In Isaiah 65:17, Yahweh declares that he is creating new heavens and a new earth. The heavens and earth here ought not to be understood as two separate locations or spheres, but rather one. No longer will there be weeping or sorrow (65:19), premature death (65:20), or famine, poverty, or tragedy (65:21–23). Isaiah 65:25 clearly alludes to the vision of a messianic peaceful kingdom in 11:6–9:
|Isaiah 11:6–9||Isaiah 65:25|
|11:6 The wolf shall live with the lamb||65:25 The wolf and the lamb shall feed together|
|11:7 The lion shall eat straw like the ox||65:25 The lion shall eat straw like the ox|
|11:8 The nursing child shall play over the hole of the asp, and the weaned child shall put its hand on the adder’s den||65:25 The serpent — its food shall be dust!|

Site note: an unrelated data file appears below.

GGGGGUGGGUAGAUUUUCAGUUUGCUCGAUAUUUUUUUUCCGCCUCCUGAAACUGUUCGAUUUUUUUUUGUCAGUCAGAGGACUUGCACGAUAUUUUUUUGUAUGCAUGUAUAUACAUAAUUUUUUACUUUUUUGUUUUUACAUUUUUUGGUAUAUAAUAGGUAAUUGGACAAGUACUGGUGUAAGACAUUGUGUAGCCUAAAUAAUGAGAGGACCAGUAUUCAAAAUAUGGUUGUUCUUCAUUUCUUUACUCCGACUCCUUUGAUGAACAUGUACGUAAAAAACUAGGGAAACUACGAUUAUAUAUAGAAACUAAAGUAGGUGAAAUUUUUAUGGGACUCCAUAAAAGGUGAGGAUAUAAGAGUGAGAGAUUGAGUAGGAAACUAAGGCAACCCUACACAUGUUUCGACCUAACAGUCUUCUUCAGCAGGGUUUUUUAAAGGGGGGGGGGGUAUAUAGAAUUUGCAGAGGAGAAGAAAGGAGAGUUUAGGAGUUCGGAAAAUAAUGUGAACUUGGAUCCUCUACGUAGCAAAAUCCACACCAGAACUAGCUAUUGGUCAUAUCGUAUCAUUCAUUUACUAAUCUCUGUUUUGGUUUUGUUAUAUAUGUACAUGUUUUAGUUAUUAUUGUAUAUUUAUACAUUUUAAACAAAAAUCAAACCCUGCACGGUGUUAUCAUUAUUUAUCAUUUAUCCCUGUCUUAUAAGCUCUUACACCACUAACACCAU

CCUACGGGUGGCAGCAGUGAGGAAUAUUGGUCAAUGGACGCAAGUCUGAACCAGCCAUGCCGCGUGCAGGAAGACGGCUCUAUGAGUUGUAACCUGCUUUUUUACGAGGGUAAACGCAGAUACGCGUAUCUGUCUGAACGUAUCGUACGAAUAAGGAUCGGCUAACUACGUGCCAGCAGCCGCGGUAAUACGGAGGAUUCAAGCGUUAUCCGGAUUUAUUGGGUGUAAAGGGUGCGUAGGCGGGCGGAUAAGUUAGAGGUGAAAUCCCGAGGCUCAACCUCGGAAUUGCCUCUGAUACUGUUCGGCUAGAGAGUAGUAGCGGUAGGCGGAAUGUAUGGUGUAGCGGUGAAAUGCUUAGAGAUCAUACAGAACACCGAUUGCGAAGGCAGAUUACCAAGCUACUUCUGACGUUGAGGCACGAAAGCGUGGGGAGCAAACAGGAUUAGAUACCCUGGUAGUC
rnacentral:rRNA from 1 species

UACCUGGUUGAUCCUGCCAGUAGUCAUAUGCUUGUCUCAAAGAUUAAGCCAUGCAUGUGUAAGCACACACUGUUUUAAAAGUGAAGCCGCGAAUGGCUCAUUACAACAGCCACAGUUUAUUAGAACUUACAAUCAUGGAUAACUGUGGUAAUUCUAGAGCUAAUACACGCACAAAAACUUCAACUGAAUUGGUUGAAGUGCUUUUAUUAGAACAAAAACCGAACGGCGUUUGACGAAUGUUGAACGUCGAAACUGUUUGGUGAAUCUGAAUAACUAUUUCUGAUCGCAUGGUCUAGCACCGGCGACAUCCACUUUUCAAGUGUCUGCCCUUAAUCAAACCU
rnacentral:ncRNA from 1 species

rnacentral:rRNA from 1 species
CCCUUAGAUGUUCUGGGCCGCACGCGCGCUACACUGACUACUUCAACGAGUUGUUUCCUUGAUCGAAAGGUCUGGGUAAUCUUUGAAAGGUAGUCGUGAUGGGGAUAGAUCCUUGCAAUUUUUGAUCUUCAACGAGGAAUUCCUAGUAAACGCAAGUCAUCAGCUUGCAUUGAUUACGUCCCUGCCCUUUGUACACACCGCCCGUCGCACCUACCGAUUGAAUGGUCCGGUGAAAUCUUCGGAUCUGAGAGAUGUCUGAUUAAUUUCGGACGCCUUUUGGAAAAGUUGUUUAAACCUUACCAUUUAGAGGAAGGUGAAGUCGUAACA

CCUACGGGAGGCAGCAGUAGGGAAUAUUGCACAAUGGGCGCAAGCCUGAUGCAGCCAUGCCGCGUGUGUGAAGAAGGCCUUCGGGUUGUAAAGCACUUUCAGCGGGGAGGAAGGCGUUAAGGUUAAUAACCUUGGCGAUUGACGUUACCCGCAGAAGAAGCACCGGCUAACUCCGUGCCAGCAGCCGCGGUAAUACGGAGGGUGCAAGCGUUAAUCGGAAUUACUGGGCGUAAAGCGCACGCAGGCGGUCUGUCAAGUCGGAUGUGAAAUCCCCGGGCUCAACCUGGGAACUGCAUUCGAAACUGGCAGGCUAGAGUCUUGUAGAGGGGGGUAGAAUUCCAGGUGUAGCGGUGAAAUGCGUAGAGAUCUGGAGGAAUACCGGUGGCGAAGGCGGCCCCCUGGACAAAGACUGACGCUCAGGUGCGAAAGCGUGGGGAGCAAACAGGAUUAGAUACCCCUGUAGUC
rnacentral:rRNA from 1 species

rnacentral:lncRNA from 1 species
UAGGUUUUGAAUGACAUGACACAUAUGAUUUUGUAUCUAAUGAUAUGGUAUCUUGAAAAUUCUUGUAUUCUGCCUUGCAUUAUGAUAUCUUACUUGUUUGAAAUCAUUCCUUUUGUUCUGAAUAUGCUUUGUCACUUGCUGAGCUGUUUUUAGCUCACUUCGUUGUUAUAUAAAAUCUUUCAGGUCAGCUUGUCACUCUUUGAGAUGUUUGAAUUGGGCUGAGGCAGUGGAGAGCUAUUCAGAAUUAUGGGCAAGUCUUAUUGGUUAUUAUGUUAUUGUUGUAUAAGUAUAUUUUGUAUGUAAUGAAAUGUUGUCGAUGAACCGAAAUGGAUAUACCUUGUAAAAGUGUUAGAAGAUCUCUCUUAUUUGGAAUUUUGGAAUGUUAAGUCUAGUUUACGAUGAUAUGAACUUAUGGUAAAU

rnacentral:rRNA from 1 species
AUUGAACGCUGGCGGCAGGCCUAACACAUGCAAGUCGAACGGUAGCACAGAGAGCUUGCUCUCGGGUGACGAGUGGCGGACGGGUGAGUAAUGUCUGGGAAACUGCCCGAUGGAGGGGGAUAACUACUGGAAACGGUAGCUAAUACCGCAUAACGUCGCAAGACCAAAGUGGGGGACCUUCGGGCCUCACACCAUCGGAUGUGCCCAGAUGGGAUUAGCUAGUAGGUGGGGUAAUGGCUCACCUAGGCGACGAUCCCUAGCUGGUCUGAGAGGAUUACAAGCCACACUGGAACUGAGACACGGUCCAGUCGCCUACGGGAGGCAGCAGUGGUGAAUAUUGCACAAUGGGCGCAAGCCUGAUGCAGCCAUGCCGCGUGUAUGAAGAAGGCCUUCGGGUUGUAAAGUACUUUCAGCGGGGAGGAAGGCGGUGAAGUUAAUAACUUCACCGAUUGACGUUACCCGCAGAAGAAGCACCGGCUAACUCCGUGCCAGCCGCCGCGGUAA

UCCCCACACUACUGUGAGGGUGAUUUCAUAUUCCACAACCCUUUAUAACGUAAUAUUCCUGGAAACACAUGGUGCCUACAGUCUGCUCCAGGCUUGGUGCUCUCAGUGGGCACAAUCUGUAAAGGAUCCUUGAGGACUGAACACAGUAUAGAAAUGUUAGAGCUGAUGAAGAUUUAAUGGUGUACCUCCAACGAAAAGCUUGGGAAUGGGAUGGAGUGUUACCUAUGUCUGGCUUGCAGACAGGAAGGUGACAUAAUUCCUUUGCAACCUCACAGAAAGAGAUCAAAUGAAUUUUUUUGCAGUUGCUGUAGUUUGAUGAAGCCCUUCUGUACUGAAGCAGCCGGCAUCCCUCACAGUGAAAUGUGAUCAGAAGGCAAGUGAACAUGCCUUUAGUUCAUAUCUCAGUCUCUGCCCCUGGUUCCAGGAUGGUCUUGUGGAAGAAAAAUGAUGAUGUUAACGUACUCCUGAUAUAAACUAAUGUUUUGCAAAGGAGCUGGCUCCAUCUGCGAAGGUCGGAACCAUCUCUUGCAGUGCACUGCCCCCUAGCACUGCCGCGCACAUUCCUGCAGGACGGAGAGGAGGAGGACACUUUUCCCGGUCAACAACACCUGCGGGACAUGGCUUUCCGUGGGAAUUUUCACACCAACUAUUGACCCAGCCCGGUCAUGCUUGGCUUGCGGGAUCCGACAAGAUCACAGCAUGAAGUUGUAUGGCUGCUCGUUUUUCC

|11:9 They will not hurt or destroy on all my holy mountain||65:25 They shall not hurt or destroy on all my holy mountain|
Followers of Jesus are not immune to disease, depression, poverty, persecution, or disaster. We, along with creation, groan for the redemption of our bodies (Romans 8:22–23). As Christians, we need not despair when these trials overcome us because we know that a glorious finish line awaits us. Thankfully in Jesus a new creation has already erupted (2 Corinthians 5:17), and, therefore, we can even now begin to reclaim the dignity of our bodies as well as the dignity of the rest of the created order. Christianity is an embodied faith; it always has been, and according to Isaiah, it always will be.
One more table of intertexual comparisons: Below are the correspondences between the opening chapters of the book of Isaiah and its concluding ones:
|Theme||Isaiah 1:2–2:4||Isaiah 63:7–66:24|
|Heaven and earth||1:2||66:1|
|“Sons” metaphor; Judah devastated||1:2–9||63:7–64:11|
|Personification of Zion||1:21–26||66:7–13|
|Redemption/judgment of Zion||1:27–31||66:14–17|
|Gathering of the nations to Zion||2:2–4||66:18–24|
|Wicked consumed by unquenchable fire||1:31||66:24|